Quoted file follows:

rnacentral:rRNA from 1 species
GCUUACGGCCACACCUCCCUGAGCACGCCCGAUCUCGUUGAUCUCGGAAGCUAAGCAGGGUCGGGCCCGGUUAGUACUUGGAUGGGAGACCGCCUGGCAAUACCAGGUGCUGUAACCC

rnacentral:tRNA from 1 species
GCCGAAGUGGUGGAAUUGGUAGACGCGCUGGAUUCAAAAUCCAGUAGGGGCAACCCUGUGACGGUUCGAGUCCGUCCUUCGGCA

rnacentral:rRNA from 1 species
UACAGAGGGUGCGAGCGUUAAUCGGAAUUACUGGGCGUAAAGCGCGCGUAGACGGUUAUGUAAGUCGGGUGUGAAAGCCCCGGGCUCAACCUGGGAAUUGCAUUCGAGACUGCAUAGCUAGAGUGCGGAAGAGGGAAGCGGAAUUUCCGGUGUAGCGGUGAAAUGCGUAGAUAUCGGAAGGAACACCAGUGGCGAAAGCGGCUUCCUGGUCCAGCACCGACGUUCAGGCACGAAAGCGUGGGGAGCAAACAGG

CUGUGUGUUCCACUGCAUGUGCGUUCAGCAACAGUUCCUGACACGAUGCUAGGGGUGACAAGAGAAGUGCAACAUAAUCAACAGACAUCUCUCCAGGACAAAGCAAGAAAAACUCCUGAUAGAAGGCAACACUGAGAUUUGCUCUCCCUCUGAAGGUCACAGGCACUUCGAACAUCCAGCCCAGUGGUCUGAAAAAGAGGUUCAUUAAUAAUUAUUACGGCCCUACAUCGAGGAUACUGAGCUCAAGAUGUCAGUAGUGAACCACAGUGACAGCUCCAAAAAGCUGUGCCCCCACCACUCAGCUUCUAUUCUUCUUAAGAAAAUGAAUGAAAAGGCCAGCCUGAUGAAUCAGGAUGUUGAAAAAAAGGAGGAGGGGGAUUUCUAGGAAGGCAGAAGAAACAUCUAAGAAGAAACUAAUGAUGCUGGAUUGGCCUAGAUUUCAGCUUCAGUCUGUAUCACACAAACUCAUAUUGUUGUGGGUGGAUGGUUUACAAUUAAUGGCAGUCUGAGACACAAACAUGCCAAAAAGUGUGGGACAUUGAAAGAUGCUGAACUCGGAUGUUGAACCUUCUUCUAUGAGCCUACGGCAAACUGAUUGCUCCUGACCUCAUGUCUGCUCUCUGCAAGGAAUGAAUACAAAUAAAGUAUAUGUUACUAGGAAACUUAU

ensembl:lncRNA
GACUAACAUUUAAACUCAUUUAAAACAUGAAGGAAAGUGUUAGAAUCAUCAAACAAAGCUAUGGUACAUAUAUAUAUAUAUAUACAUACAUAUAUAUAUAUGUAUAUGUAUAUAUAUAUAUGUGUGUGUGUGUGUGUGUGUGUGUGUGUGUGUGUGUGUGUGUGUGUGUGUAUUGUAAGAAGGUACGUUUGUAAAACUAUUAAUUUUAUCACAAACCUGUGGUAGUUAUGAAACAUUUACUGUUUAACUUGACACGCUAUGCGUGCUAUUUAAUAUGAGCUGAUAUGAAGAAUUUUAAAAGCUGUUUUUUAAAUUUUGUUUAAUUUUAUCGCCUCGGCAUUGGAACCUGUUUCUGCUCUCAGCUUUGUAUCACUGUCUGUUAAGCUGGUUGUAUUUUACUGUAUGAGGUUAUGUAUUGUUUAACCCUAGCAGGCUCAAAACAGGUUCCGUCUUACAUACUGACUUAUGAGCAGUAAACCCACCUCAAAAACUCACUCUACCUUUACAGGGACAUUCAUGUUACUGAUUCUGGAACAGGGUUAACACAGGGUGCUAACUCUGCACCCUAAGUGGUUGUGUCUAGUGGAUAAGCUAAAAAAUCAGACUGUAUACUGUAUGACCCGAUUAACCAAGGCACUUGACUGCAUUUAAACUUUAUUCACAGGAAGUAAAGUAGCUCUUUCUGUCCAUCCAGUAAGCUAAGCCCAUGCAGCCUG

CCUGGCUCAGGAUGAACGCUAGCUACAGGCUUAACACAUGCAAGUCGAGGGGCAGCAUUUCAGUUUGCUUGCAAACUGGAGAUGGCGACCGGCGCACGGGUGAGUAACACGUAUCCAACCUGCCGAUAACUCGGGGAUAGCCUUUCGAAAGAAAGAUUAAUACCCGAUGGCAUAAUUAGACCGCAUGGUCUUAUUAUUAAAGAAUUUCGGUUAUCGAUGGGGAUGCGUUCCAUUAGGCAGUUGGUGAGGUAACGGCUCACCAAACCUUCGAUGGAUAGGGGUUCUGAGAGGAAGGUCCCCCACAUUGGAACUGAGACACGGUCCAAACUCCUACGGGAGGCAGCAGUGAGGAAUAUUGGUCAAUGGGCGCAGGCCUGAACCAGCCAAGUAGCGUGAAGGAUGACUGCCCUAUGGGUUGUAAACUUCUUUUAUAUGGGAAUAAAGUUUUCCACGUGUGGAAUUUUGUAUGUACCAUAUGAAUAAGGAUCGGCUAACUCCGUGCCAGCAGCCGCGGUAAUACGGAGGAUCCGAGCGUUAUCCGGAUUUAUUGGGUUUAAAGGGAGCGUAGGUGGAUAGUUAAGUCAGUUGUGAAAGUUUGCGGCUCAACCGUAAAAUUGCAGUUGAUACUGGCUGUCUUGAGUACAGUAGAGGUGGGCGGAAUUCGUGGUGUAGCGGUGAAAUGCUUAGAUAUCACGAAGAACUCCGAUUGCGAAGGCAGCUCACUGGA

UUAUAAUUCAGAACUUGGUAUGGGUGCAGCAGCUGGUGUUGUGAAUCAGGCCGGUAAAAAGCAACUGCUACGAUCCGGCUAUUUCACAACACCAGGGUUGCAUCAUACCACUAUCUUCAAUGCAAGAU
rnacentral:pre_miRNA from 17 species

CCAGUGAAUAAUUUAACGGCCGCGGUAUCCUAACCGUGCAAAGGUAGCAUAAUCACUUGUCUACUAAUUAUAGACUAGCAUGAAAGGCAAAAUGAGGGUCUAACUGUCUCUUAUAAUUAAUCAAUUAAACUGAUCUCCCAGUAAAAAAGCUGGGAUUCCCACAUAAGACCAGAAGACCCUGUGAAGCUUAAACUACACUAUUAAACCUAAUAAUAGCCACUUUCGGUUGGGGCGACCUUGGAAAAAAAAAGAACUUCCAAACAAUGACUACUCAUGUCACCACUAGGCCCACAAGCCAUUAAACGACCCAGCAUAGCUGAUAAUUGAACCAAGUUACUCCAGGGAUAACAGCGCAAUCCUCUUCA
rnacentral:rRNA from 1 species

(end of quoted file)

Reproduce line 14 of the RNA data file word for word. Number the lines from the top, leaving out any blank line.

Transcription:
rnacentral:rRNA from 1 species